OSHA has modified the Hazard Communication Standard (HCS) to adopt the GHS to improve safety and health of workers through more effective communications on chemical hazards. Since it was first promulgated in 1983, the HCS has provided employers and employees extensive information about the chemicals in their workplaces. The original standard is performance-oriented, allowing chemical manufacturers and importers to convey information on labels and material safety data sheets in whatever format they choose. While the available information has been helpful in improving employee safety and health, a more standardized approach to classifying the hazards and conveying the information will be more effective, and provide further improvements in American workplaces. The GHS provides such a standardized approach, including detailed criteria for determining what hazardous effects a chemical poses, as well as standardized label elements assigned by hazard class and category. This will enhance both employer and worker comprehension of the hazards, which will help to ensure appropriate handling and safe use of workplace chemicals. In addition, the safety data sheet requirements establish an order of information that is standardized. The harmonized format of the safety data sheets will enable employers, workers, health professionals, and emergency responders to access the information more efficiently and effectively, thus increasing their utility.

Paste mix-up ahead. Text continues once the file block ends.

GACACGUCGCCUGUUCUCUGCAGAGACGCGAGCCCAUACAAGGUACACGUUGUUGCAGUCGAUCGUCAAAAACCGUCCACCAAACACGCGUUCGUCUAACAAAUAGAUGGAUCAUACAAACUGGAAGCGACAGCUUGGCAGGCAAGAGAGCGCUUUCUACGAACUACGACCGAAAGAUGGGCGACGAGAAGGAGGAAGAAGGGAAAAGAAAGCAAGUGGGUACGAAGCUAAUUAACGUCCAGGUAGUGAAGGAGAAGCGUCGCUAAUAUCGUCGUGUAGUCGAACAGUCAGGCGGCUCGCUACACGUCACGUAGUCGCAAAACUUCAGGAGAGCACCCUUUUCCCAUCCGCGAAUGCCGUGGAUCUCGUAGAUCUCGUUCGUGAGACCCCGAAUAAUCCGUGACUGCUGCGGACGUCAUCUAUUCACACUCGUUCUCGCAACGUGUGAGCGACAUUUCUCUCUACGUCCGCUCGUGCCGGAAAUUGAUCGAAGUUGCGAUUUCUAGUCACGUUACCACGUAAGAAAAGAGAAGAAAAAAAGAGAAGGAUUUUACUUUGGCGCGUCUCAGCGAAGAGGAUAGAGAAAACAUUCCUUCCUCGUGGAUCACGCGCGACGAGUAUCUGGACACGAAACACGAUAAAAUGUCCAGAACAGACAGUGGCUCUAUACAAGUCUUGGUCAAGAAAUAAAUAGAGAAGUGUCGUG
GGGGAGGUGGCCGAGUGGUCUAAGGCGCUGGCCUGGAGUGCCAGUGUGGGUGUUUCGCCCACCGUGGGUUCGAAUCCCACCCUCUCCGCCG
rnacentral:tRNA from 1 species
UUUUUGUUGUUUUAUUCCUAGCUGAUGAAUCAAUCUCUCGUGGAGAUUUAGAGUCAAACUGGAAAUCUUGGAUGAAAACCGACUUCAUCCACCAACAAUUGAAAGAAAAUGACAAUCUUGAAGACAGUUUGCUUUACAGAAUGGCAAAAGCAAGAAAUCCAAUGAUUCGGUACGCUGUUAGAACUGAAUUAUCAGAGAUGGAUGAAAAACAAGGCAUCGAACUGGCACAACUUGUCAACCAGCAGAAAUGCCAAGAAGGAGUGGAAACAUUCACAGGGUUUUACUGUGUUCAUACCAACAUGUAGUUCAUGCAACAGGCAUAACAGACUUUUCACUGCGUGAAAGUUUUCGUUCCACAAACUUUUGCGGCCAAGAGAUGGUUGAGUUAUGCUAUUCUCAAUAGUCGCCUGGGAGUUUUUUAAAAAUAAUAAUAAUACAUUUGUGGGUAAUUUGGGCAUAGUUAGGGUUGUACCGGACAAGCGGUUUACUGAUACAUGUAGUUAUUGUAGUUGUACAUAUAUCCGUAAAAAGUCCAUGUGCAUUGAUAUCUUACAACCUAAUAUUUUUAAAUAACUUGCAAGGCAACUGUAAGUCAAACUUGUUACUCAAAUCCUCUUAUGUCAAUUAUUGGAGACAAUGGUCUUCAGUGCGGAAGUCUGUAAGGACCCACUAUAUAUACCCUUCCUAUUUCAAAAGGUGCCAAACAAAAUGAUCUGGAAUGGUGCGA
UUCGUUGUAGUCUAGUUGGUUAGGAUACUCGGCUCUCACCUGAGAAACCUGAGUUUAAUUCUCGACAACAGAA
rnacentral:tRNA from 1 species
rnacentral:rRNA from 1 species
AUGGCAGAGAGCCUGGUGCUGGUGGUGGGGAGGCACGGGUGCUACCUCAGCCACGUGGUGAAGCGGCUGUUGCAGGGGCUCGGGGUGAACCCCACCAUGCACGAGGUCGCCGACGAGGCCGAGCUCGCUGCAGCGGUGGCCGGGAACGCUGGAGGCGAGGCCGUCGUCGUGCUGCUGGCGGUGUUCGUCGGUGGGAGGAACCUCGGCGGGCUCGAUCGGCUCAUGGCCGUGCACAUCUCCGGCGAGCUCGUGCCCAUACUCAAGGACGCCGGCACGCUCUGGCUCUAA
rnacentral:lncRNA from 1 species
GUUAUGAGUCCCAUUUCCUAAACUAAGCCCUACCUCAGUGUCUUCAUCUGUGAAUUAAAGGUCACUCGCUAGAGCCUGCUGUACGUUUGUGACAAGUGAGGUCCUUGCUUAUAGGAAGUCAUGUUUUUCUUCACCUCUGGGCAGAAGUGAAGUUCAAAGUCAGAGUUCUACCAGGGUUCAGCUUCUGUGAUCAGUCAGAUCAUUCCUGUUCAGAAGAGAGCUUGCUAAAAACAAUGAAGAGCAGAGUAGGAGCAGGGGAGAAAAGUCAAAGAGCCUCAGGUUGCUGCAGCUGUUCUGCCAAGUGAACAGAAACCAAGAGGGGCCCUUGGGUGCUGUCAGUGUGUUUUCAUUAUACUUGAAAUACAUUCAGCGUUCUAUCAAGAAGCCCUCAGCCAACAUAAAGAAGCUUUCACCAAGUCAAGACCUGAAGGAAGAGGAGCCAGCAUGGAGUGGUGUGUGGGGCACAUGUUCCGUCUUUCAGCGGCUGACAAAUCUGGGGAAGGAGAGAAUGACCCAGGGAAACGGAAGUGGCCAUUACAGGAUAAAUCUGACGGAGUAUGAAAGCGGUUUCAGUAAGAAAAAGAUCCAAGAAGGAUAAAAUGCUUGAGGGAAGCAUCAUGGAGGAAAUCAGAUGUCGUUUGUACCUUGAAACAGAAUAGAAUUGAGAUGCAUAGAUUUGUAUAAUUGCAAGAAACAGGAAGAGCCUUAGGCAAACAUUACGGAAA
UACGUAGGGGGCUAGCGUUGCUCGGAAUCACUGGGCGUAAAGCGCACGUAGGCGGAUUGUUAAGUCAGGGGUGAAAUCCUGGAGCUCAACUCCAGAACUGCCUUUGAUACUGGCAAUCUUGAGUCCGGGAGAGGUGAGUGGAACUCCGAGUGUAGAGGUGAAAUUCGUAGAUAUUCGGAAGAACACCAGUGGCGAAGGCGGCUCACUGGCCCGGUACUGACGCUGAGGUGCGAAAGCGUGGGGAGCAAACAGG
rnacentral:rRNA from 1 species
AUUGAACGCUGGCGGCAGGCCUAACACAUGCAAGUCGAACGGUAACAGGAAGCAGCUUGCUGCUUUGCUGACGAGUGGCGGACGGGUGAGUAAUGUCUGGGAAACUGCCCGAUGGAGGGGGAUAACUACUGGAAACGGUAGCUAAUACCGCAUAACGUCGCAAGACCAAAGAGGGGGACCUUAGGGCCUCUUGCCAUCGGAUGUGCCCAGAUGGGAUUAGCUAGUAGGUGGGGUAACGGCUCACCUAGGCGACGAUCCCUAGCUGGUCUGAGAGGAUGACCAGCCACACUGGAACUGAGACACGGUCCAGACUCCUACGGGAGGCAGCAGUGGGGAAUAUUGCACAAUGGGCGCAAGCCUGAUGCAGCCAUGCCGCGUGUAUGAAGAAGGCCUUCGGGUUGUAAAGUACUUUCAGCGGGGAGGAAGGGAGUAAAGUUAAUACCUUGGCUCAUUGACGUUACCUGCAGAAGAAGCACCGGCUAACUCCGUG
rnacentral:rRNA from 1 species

Adoption of the GHS in the US and around the world will also help to improve information received from other countries—since the US is both a major importer and exporter of chemicals, American workers often see labels and safety data sheets from other countries. The diverse and sometimes conflicting national and international requirements can create confusion among those who seek to use hazard information effectively. For example, labels and safety data sheets may include symbols and hazard statements that are unfamiliar to readers or not well understood. Containers may be labeled with such a large volume of information that important statements are not easily recognized. Given the differences in hazard classification criteria, labels may also be incorrect when used in other countries. If countries around the world adopt the GHS, these problems will be minimized, and chemicals crossing borders will have consistent information, thus improving communication globally.